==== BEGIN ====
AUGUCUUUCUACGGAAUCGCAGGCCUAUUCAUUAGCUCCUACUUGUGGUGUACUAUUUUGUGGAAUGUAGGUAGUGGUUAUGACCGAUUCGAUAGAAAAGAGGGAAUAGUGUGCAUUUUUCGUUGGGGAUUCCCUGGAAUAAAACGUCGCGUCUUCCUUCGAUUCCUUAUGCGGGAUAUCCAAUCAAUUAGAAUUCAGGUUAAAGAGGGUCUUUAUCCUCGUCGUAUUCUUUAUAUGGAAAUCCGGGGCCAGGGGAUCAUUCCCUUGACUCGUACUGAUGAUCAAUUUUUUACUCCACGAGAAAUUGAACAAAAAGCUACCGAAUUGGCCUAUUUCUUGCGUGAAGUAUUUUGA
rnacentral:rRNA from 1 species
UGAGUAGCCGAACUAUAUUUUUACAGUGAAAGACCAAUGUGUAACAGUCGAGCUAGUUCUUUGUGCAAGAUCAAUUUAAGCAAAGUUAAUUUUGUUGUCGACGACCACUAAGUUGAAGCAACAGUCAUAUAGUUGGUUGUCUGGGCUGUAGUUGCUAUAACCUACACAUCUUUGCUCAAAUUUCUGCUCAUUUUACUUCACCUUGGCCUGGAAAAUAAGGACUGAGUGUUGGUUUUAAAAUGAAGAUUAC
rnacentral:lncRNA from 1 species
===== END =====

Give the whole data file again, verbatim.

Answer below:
AUGUCUUUCUACGGAAUCGCAGGCCUAUUCAUUAGCUCCUACUUGUGGUGUACUAUUUUGUGGAAUGUAGGUAGUGGUUAUGACCGAUUCGAUAGAAAAGAGGGAAUAGUGUGCAUUUUUCGUUGGGGAUUCCCUGGAAUAAAACGUCGCGUCUUCCUUCGAUUCCUUAUGCGGGAUAUCCAAUCAAUUAGAAUUCAGGUUAAAGAGGGUCUUUAUCCUCGUCGUAUUCUUUAUAUGGAAAUCCGGGGCCAGGGGAUCAUUCCCUUGACUCGUACUGAUGAUCAAUUUUUUACUCCACGAGAAAUUGAACAAAAAGCUACCGAAUUGGCCUAUUUCUUGCGUGAAGUAUUUUGA
rnacentral:rRNA from 1 species
UGAGUAGCCGAACUAUAUUUUUACAGUGAAAGACCAAUGUGUAACAGUCGAGCUAGUUCUUUGUGCAAGAUCAAUUUAAGCAAAGUUAAUUUUGUUGUCGACGACCACUAAGUUGAAGCAACAGUCAUAUAGUUGGUUGUCUGGGCUGUAGUUGCUAUAACCUACACAUCUUUGCUCAAAUUUCUGCUCAUUUUACUUCACCUUGGCCUGGAAAAUAAGGACUGAGUGUUGGUUUUAAAAUGAAGAUUAC
rnacentral:lncRNA from 1 species